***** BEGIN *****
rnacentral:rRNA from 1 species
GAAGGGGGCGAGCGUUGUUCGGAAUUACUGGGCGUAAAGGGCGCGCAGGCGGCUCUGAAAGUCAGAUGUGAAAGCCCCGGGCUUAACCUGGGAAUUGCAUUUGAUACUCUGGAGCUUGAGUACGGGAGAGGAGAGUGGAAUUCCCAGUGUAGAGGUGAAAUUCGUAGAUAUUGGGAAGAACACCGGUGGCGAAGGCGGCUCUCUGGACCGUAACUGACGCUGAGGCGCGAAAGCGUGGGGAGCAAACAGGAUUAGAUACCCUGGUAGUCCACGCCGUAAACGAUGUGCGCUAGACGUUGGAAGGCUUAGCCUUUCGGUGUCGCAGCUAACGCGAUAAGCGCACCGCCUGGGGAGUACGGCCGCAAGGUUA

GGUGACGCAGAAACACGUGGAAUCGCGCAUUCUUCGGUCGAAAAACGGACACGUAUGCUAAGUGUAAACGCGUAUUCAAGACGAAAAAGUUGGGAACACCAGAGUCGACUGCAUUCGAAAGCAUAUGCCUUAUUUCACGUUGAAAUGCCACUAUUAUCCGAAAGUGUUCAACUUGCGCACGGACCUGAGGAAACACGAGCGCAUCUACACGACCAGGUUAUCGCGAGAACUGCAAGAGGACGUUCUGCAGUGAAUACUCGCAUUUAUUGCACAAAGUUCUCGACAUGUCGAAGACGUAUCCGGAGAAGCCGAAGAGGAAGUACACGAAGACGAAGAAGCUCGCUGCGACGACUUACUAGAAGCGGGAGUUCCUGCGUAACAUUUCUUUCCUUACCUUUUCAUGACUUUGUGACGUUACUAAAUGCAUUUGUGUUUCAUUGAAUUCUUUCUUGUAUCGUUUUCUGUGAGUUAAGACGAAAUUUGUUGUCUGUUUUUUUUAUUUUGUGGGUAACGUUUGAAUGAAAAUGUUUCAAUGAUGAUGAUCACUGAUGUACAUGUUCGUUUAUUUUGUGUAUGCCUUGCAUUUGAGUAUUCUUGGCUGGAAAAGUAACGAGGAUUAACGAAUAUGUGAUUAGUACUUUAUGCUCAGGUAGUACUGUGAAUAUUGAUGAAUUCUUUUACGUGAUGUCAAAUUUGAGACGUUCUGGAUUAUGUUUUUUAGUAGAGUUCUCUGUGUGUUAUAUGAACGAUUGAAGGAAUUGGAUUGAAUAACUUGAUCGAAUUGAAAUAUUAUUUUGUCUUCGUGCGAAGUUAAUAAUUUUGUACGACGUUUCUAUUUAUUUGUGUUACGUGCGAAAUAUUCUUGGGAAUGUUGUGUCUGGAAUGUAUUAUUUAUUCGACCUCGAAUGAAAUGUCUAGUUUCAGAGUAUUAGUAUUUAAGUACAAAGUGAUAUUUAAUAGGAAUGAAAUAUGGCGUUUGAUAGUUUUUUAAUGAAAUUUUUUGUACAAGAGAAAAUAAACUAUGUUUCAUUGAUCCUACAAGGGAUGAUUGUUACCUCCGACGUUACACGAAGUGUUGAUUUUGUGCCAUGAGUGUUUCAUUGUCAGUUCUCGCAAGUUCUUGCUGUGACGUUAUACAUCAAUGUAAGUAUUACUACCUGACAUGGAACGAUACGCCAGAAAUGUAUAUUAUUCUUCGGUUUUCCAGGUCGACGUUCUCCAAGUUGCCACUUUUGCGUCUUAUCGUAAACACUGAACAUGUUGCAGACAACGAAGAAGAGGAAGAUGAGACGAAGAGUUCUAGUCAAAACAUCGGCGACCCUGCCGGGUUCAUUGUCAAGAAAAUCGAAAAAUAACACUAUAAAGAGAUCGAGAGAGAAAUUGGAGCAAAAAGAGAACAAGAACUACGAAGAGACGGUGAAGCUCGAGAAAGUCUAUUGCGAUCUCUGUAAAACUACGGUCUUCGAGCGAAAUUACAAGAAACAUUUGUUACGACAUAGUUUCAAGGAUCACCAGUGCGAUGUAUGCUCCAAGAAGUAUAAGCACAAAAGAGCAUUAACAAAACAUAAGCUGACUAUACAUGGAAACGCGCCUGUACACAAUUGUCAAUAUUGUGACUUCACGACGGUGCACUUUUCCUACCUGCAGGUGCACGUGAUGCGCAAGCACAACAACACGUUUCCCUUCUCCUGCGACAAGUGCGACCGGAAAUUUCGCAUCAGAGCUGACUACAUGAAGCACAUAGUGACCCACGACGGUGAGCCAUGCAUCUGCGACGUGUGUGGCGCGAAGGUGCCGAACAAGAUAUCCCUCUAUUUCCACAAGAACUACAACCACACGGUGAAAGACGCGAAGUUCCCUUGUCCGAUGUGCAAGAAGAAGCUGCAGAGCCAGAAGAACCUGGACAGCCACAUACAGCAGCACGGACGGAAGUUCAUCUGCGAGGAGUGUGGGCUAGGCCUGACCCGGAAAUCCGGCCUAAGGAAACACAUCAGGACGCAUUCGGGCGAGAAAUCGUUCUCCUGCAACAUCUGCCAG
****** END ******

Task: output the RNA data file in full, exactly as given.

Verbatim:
rnacentral:rRNA from 1 species
GAAGGGGGCGAGCGUUGUUCGGAAUUACUGGGCGUAAAGGGCGCGCAGGCGGCUCUGAAAGUCAGAUGUGAAAGCCCCGGGCUUAACCUGGGAAUUGCAUUUGAUACUCUGGAGCUUGAGUACGGGAGAGGAGAGUGGAAUUCCCAGUGUAGAGGUGAAAUUCGUAGAUAUUGGGAAGAACACCGGUGGCGAAGGCGGCUCUCUGGACCGUAACUGACGCUGAGGCGCGAAAGCGUGGGGAGCAAACAGGAUUAGAUACCCUGGUAGUCCACGCCGUAAACGAUGUGCGCUAGACGUUGGAAGGCUUAGCCUUUCGGUGUCGCAGCUAACGCGAUAAGCGCACCGCCUGGGGAGUACGGCCGCAAGGUUA

GGUGACGCAGAAACACGUGGAAUCGCGCAUUCUUCGGUCGAAAAACGGACACGUAUGCUAAGUGUAAACGCGUAUUCAAGACGAAAAAGUUGGGAACACCAGAGUCGACUGCAUUCGAAAGCAUAUGCCUUAUUUCACGUUGAAAUGCCACUAUUAUCCGAAAGUGUUCAACUUGCGCACGGACCUGAGGAAACACGAGCGCAUCUACACGACCAGGUUAUCGCGAGAACUGCAAGAGGACGUUCUGCAGUGAAUACUCGCAUUUAUUGCACAAAGUUCUCGACAUGUCGAAGACGUAUCCGGAGAAGCCGAAGAGGAAGUACACGAAGACGAAGAAGCUCGCUGCGACGACUUACUAGAAGCGGGAGUUCCUGCGUAACAUUUCUUUCCUUACCUUUUCAUGACUUUGUGACGUUACUAAAUGCAUUUGUGUUUCAUUGAAUUCUUUCUUGUAUCGUUUUCUGUGAGUUAAGACGAAAUUUGUUGUCUGUUUUUUUUAUUUUGUGGGUAACGUUUGAAUGAAAAUGUUUCAAUGAUGAUGAUCACUGAUGUACAUGUUCGUUUAUUUUGUGUAUGCCUUGCAUUUGAGUAUUCUUGGCUGGAAAAGUAACGAGGAUUAACGAAUAUGUGAUUAGUACUUUAUGCUCAGGUAGUACUGUGAAUAUUGAUGAAUUCUUUUACGUGAUGUCAAAUUUGAGACGUUCUGGAUUAUGUUUUUUAGUAGAGUUCUCUGUGUGUUAUAUGAACGAUUGAAGGAAUUGGAUUGAAUAACUUGAUCGAAUUGAAAUAUUAUUUUGUCUUCGUGCGAAGUUAAUAAUUUUGUACGACGUUUCUAUUUAUUUGUGUUACGUGCGAAAUAUUCUUGGGAAUGUUGUGUCUGGAAUGUAUUAUUUAUUCGACCUCGAAUGAAAUGUCUAGUUUCAGAGUAUUAGUAUUUAAGUACAAAGUGAUAUUUAAUAGGAAUGAAAUAUGGCGUUUGAUAGUUUUUUAAUGAAAUUUUUUGUACAAGAGAAAAUAAACUAUGUUUCAUUGAUCCUACAAGGGAUGAUUGUUACCUCCGACGUUACACGAAGUGUUGAUUUUGUGCCAUGAGUGUUUCAUUGUCAGUUCUCGCAAGUUCUUGCUGUGACGUUAUACAUCAAUGUAAGUAUUACUACCUGACAUGGAACGAUACGCCAGAAAUGUAUAUUAUUCUUCGGUUUUCCAGGUCGACGUUCUCCAAGUUGCCACUUUUGCGUCUUAUCGUAAACACUGAACAUGUUGCAGACAACGAAGAAGAGGAAGAUGAGACGAAGAGUUCUAGUCAAAACAUCGGCGACCCUGCCGGGUUCAUUGUCAAGAAAAUCGAAAAAUAACACUAUAAAGAGAUCGAGAGAGAAAUUGGAGCAAAAAGAGAACAAGAACUACGAAGAGACGGUGAAGCUCGAGAAAGUCUAUUGCGAUCUCUGUAAAACUACGGUCUUCGAGCGAAAUUACAAGAAACAUUUGUUACGACAUAGUUUCAAGGAUCACCAGUGCGAUGUAUGCUCCAAGAAGUAUAAGCACAAAAGAGCAUUAACAAAACAUAAGCUGACUAUACAUGGAAACGCGCCUGUACACAAUUGUCAAUAUUGUGACUUCACGACGGUGCACUUUUCCUACCUGCAGGUGCACGUGAUGCGCAAGCACAACAACACGUUUCCCUUCUCCUGCGACAAGUGCGACCGGAAAUUUCGCAUCAGAGCUGACUACAUGAAGCACAUAGUGACCCACGACGGUGAGCCAUGCAUCUGCGACGUGUGUGGCGCGAAGGUGCCGAACAAGAUAUCCCUCUAUUUCCACAAGAACUACAACCACACGGUGAAAGACGCGAAGUUCCCUUGUCCGAUGUGCAAGAAGAAGCUGCAGAGCCAGAAGAACCUGGACAGCCACAUACAGCAGCACGGACGGAAGUUCAUCUGCGAGGAGUGUGGGCUAGGCCUGACCCGGAAAUCCGGCCUAAGGAAACACAUCAGGACGCAUUCGGGCGAGAAAUCGUUCUCCUGCAACAUCUGCCAG